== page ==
Monday, May 21, 2012

Jardin des Plantes

So the météo, weather forecast, for the weekend was only semi correct, and it end up being quite beautiful the first half of Sunday. J & I therefore decided to take a little stroll with the Wigglemonster in a garden we don't often go to, the Jardin des Plantes, literally the Garden of Plants. It was about 18 degrees out, and with the sun almost 22 degrees, so there were many strollers out and about!

The Jardin des Plantes is the main botanical garden in France and is situated not too far from the Grande Mosquée de Paris in the 5th arrondissement. It is also home to the Museum of Natural History and the Ménagerie, a little zoo. It is a great place for both adults and kids to appreciate nature and at the same time, learn the science behind it. We were here just for a little walk in the sun, but when Wigglemonster is slightly older we will definitely visit the zoo and museum.

Photos by Me
Metro: Gare d'Austerlitz

Tuesday, May 15, 2012

Giving Birth In Paris

In France, everyone is obliged to have a carte de sécurité sociale, the social security card. This card gives almost free medical access to its holder, and a reimbursement of up to 100% of medication. You can also pay for a supplementary insurance card, called the mutuelle. Depending on which plan you pick, even private hospitals may be free.

I chose a semi-private hospital to give birth at called Insitute Mutualiste Montsouris. Frankly, it was a pretty good experience. Well, I can't exactly compare it to any other, since it was my first and only time. But I must admit, looking back, giving birth was not that bad at all! I know I know, everyone tells me that women secrete a hormone after  giving birth to help forget about the pain, but that aside, I wouldn't mind doing it all over again.

Unlike Malaysia, I didn't see my doctor even once the day I gave birth (she did visit me the day after though). Here, midwives handle all normal deliveries, and I had at least 5 (midwives). This is because my labor lasted about 23 hours, and as the midwives changed shifts, the person who took care of me changed too. The only person that I recognized through the 23 hours was the anesthetist! I wanted to give chocolates to the whole team who helped me, but I didn't even remember their names so J just left a box of chocolates at the nursing station.

Also unlike Malaysia and the US, a normal delivery requires the mother to stay in the hospital at least 3 nights. This is to assure that mommy and baby are healthy, that the mother is not in depression and ready for motherhood, etc etc. We learned in 4 days how to give a bath, feed, change, dress, everything baby. 6 weeks after delivery, I was required to do 10 sessions of réeducation de perinée, reeducation of the perineum. It is not obligatory, but HIGHLY recommended by EVERYONE. We must make sure that Monsieur remains happy! No really. That IS one of the reasons why it is highly recommended.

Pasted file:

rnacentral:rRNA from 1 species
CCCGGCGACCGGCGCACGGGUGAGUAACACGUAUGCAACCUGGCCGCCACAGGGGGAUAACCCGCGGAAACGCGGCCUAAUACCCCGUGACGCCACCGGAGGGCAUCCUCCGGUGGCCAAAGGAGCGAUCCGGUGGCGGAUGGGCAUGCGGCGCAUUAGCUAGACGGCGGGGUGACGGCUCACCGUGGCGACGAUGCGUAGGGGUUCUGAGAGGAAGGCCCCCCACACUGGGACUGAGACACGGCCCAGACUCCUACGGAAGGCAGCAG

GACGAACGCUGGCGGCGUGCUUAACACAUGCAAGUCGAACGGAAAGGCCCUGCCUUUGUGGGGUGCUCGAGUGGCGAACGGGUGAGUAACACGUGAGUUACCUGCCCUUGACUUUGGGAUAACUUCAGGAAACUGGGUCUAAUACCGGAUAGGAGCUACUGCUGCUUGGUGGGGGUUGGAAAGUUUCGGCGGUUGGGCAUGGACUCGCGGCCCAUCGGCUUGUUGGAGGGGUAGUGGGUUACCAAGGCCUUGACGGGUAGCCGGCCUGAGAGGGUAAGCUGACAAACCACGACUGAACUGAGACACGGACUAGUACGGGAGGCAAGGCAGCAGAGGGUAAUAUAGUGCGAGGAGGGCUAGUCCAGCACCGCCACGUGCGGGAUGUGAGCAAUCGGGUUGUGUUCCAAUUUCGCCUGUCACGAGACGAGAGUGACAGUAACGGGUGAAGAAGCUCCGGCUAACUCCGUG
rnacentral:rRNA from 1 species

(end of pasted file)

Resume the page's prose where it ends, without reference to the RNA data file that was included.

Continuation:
A week or so after the delivery, a puericultrice, a nurse specialized in babies, is sent to your home to check on how the baby is doing. She also checks her bedroom, to make sure that nothing in the baby's cot can strangle her. I kid you not. We also talked about breastfeeding, sleeping times, and baby behavior with the puericultrice. A puericultrice can also come to your house everyday for a week to help you out with the baby if needed.

All this, for free! With a good mutuelle in hand, we didn't have to pay a single cent. Without a social security card however, hospitalization and medication in France remains very very expensive, so when traveling make sure you have a good insurance that cover everything that happens during your trip. A hospital bill is on average €1,500 per day depending on the gravity of the situation, so stay out of trouble while in France!!

Photos by Google Images

Monday, May 14, 2012

Toutankhamon Exhibition

So the Wigglemonster is now 4 1/2 months old, and J and I decided that its about time to bring her to museums and exhibitions so that she develops the appreciation for art and history. Passing by the 15th arrondissement on Saturday, we saw a poster for the current exhibition at Porte de Versailles. Perfect, we thought. Something interesting for us to do, and shiny things for Wigglemonster to look at (she likes things that shine, kinda like her mother).

The exhibition on Toutaknhamon's tomb and treasures was a spectacular one. 5 years were taken by Egyptian artisans to prepare and reproduce 1000 objects belonging to the legendary Pharaoh. The visitor is taken through the exhibit in the eyes of Howard Carter, the man who discovered the tomb. Original pictures taken by Harry Burton are depicted throughout the exhibition. 

Tickets costs €15.90 for adults and €12.90 for children above 5. A little pricey, but the ticket price includes a video guide in different languages including English. For those traveling with a pram, no problem- there is elevator access from the parking and no stairs to climb. The Wigglemonster slept through the whole time we were there, and woke up just in time for out brownie break (pretty good brownies at the stall outside the exhibition hall, €3 each and very very chewy!)

So if you're around in Paris and it happens to be gray and rainy, check this thing out. The story telling guide makes it easy and interesting to understand, and the controlled  entry times makes it comfortable and not too crowded.

Photos by Me
Metro Porte de Versailles, Tram lines T2 and T3
From 12th May to 1st September 2012